Brett Favre's determination to play quarterback this season for the Minnesota Vikings prompted him to undergo arthroscopic surgery to repair his injured passing shoulder recently, according to two sources. However, Favre remains unable to make a commitment because subsequent throwing sessions indicate the shoulder is not yet 100 percent.
While Favre has now clearly demonstrated his interest in coming out of
retirement for a 19th season in the NFL, it seems equally obvious that he will not
do so unless convinced he has recovered fully from the torn biceps tendon
that undermined him last year with the New York Jets.
Favre began considering options to repair the shoulder last month when he sought
advice from acclaimed orthopedic surgeon Dr. James Andrews. Favre and Andrews
discussed surgical and non-surgical options. When cortisone injections and
exercise therapies that included weight lifting failed to release the damaged
tendon naturally, Favre consented to the arthroscopic surgery.
Favre has thrown on a limited basis since the surgery, which occurred last month, but has not felt close to "100 percent" and would not come back unless he makes significant progress, sources said.
Favre's agent, Bus Cook, would not confirm or deny the surgery, saying "That's a confidential client privilege."
Other sources say they believe Favre's ultimate recovery makes him a certainty to play for the Vikings, but the team will wrap up their organized team activities (OTAs) with four practices, Tuesday through Friday. The team also has two OTA dates remaining for the following week, but coach Brad Childress has traditionally canceled those as a reward for his players' hard work.
The Vikings report to training camp at the end of July and could agree to a contract if Favre's recovery accelerates to the point where both the quarterback and the team are comfortable with his return for the 2009 season, sources said. Favre's motivation to un-retire again is based on his desire to keep playing and the fact that he perceives the Vikings as a Super Bowl contender that runs "his offense," virtually identical to what he directed for 16 years in Green Bay, the sources contend.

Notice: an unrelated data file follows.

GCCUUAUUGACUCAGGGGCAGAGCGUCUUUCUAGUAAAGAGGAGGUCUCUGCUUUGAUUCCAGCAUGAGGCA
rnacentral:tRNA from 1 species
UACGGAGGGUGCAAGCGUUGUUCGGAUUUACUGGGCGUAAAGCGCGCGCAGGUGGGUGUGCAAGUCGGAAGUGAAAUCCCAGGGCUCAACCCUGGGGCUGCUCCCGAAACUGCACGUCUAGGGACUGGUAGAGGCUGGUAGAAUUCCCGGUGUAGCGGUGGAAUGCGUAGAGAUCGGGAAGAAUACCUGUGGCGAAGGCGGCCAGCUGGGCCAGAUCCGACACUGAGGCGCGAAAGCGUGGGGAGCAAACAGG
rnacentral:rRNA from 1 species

Vikings sources declined to comment. Childress reiterated last week that Favre "is retired" but refused to set a deadline on any potential decision.
Cook also reiterated this weekend, "As far as I know, Brett is still retired and reserves the right to change his mind."
Favre's determination to play can be measured by his willingness to undergo arthroscopic surgery by Andrews, inasmuch sources said the quarterback wanted to avoid any procedure. Favre suffered the injury during the final stretch of his one season with the New York Jets in 2008. The Jets released him upon his request shortly after the April 25-26 draft, making him an unrestricted free agent. Favre already had said he was going to retire again, citing the injury as a major factor.
ESPN reported on May 14 that Favre had consulted with Andrews regarding his arm and the surgical and non-surgical options. The St. Paul Pioneer Press reported on May 18 that Favre was having surgery by Andrews that week; a source told ESPN that no surgery was scheduled. The specific date of Favre's recent surgery is unknown, except that it occurred last month.
Chris Mortensen is a senior NFL analyst for ESPN. Ed Werder covers the NFL for ESPN.